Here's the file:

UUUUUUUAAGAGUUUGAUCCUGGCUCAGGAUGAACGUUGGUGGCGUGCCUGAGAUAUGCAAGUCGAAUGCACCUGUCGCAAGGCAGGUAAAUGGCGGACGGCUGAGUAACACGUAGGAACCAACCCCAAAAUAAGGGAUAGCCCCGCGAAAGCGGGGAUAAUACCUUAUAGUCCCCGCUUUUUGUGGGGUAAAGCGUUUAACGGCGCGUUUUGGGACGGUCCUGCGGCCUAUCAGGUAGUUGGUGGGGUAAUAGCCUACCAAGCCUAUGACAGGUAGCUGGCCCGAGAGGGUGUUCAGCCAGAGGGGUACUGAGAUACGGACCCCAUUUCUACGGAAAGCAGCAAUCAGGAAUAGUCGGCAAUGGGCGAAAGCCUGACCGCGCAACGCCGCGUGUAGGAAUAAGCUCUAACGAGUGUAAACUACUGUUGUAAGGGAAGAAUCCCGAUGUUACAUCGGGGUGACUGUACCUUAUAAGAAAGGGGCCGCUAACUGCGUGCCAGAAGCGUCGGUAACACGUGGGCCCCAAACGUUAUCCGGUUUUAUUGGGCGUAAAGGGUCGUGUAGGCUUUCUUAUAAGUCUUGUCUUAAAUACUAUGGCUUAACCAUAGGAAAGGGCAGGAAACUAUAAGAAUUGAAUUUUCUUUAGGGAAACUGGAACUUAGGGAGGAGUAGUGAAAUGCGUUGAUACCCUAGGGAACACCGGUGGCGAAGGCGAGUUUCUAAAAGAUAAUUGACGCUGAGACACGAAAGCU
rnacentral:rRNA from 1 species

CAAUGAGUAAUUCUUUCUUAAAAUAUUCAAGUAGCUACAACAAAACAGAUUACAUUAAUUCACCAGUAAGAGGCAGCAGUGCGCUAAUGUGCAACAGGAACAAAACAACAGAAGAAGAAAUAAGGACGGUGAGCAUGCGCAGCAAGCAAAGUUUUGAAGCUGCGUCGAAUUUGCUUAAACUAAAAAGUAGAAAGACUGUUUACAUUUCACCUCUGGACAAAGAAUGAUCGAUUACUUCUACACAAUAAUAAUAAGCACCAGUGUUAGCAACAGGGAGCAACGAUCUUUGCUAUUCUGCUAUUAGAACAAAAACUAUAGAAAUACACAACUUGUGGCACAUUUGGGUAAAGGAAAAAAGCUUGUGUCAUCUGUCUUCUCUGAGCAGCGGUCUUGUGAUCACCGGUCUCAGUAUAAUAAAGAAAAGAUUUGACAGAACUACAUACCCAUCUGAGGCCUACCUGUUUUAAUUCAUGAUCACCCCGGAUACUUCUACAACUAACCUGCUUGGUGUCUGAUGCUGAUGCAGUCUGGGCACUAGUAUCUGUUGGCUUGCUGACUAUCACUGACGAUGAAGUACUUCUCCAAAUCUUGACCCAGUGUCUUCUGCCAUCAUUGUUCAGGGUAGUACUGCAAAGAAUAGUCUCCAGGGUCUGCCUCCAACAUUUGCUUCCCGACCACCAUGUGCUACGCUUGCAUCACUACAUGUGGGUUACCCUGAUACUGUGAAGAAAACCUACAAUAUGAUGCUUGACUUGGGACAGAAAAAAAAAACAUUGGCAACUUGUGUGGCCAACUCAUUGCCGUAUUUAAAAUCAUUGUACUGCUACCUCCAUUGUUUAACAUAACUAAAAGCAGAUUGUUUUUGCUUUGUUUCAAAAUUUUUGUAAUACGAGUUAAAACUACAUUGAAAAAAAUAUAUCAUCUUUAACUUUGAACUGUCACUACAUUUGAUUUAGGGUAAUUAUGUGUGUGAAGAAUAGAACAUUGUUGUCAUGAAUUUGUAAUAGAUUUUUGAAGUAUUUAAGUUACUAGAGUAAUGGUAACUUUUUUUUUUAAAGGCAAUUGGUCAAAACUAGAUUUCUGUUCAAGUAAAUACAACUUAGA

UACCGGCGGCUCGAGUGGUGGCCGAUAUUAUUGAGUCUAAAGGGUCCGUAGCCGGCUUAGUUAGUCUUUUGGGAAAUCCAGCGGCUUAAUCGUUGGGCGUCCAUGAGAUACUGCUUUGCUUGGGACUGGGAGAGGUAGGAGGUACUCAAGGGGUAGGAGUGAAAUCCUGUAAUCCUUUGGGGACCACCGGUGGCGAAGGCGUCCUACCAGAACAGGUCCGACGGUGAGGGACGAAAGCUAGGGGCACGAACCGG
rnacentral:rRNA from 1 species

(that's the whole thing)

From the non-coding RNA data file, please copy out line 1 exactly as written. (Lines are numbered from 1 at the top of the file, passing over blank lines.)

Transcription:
UUUUUUUAAGAGUUUGAUCCUGGCUCAGGAUGAACGUUGGUGGCGUGCCUGAGAUAUGCAAGUCGAAUGCACCUGUCGCAAGGCAGGUAAAUGGCGGACGGCUGAGUAACACGUAGGAACCAACCCCAAAAUAAGGGAUAGCCCCGCGAAAGCGGGGAUAAUACCUUAUAGUCCCCGCUUUUUGUGGGGUAAAGCGUUUAACGGCGCGUUUUGGGACGGUCCUGCGGCCUAUCAGGUAGUUGGUGGGGUAAUAGCCUACCAAGCCUAUGACAGGUAGCUGGCCCGAGAGGGUGUUCAGCCAGAGGGGUACUGAGAUACGGACCCCAUUUCUACGGAAAGCAGCAAUCAGGAAUAGUCGGCAAUGGGCGAAAGCCUGACCGCGCAACGCCGCGUGUAGGAAUAAGCUCUAACGAGUGUAAACUACUGUUGUAAGGGAAGAAUCCCGAUGUUACAUCGGGGUGACUGUACCUUAUAAGAAAGGGGCCGCUAACUGCGUGCCAGAAGCGUCGGUAACACGUGGGCCCCAAACGUUAUCCGGUUUUAUUGGGCGUAAAGGGUCGUGUAGGCUUUCUUAUAAGUCUUGUCUUAAAUACUAUGGCUUAACCAUAGGAAAGGGCAGGAAACUAUAAGAAUUGAAUUUUCUUUAGGGAAACUGGAACUUAGGGAGGAGUAGUGAAAUGCGUUGAUACCCUAGGGAACACCGGUGGCGAAGGCGAGUUUCUAAAAGAUAAUUGACGCUGAGACACGAAAGCU